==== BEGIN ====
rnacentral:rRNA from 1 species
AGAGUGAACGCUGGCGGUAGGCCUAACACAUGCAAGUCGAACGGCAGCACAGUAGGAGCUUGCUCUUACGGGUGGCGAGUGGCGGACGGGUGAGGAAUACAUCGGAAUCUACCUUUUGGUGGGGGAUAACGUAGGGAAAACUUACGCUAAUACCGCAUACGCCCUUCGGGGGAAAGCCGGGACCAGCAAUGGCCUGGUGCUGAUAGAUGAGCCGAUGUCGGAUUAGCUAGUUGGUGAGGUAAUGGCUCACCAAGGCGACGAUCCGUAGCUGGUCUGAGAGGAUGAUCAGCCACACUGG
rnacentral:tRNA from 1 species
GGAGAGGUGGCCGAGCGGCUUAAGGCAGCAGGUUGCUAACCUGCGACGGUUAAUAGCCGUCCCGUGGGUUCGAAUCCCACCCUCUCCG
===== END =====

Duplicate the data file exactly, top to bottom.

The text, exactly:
rnacentral:rRNA from 1 species
AGAGUGAACGCUGGCGGUAGGCCUAACACAUGCAAGUCGAACGGCAGCACAGUAGGAGCUUGCUCUUACGGGUGGCGAGUGGCGGACGGGUGAGGAAUACAUCGGAAUCUACCUUUUGGUGGGGGAUAACGUAGGGAAAACUUACGCUAAUACCGCAUACGCCCUUCGGGGGAAAGCCGGGACCAGCAAUGGCCUGGUGCUGAUAGAUGAGCCGAUGUCGGAUUAGCUAGUUGGUGAGGUAAUGGCUCACCAAGGCGACGAUCCGUAGCUGGUCUGAGAGGAUGAUCAGCCACACUGG
rnacentral:tRNA from 1 species
GGAGAGGUGGCCGAGCGGCUUAAGGCAGCAGGUUGCUAACCUGCGACGGUUAAUAGCCGUCCCGUGGGUUCGAAUCCCACCCUCUCCG